Aflac’s efforts in corporate social responsibility – which include raising $105 million for childhood cancer research, striving to ensure that its properties are Energy Star certified, and rewarding employees for volunteering for organizations like Habitat for Humanity – have led to the insurance company being named 2017 Company of the Year by PR News Magazine.
In a press release, Aflac said its commitment to diversity, support for children and families facing cancer, concern for the environment and approach to ethics and governance is “good for business.” However, in a recent Aflac survey on corporate social responsibility, which included surveying 100 CSR executives, the company found that fewer than half focus on using CSR to drive sales (38%), social media engagement (32%), or investor interest (26%).
The survey, completed in 2016, also found that:
–38% of executives believe their company’s leaders are more concerned with looking good than being good;
–CSR executives have no single definition of what a responsible company is or does.
–CSR executives report some mixed signals about their job. While 82% agree that their company’s leadership team is 100% on board with their responsibility initiatives, 30% say a change in company leadership would improve their social responsibility initiatives, 71% report having to justify their efforts to their leadership team and 57% say it is difficult to get their programs funded.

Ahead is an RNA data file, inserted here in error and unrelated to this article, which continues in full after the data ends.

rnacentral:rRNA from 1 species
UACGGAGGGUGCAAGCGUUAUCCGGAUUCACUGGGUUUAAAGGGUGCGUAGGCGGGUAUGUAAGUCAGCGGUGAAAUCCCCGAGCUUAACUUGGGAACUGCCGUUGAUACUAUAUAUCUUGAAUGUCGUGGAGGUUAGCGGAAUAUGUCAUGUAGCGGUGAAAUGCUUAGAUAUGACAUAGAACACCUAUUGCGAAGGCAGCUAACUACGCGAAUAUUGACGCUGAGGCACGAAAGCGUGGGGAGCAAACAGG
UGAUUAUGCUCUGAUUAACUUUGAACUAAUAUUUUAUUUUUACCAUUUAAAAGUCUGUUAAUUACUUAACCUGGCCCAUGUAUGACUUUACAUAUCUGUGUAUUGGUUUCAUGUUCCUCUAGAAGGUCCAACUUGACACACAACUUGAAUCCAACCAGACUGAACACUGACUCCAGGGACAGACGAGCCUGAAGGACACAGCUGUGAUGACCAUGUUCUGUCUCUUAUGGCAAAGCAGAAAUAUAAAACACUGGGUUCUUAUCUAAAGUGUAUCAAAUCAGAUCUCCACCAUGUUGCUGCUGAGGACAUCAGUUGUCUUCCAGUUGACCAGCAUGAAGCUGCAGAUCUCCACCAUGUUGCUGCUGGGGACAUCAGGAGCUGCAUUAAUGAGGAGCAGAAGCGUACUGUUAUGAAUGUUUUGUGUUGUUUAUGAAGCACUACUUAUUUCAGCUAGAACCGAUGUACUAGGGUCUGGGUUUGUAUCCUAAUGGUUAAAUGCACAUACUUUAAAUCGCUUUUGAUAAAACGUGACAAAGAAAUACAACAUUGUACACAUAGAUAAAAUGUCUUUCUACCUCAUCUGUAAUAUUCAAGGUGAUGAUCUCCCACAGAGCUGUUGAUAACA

–Half of CSR professionals in the survey said their causes should be chosen because they will be most beneficial to others, rather than to have positive business implications; however, CSR professionals that were interviewed one-on-one said CSR needs to align with business.
Aflac also said that CSR executives are less strategic than many assume: while extensively measuring CSR results is a common practice 75% of CSR execs believe that “today’s obsession with quantification” can prevent companies from pursuing efforts that could be their most impactful. In fact, the survey results say, CSR seems to be best thought of as a campaign of soft persuasion rather than a crusade to drive behavior.
Chubb Life, the global life insurance division of Chubb, is another insurance company that has been recently recognized for its sustainability efforts. Its life insurance branch in Hong Kong has been awarded as a “Caring Company” under the “Caring Company Scheme” from the Hong Kong Council of Social Service, for the 15th consecutive year, the company says. Its efforts include a Regional Day of Service, initiatives to reduce light pollution and carbon emissions, and efforts to reduce paper usage in the office.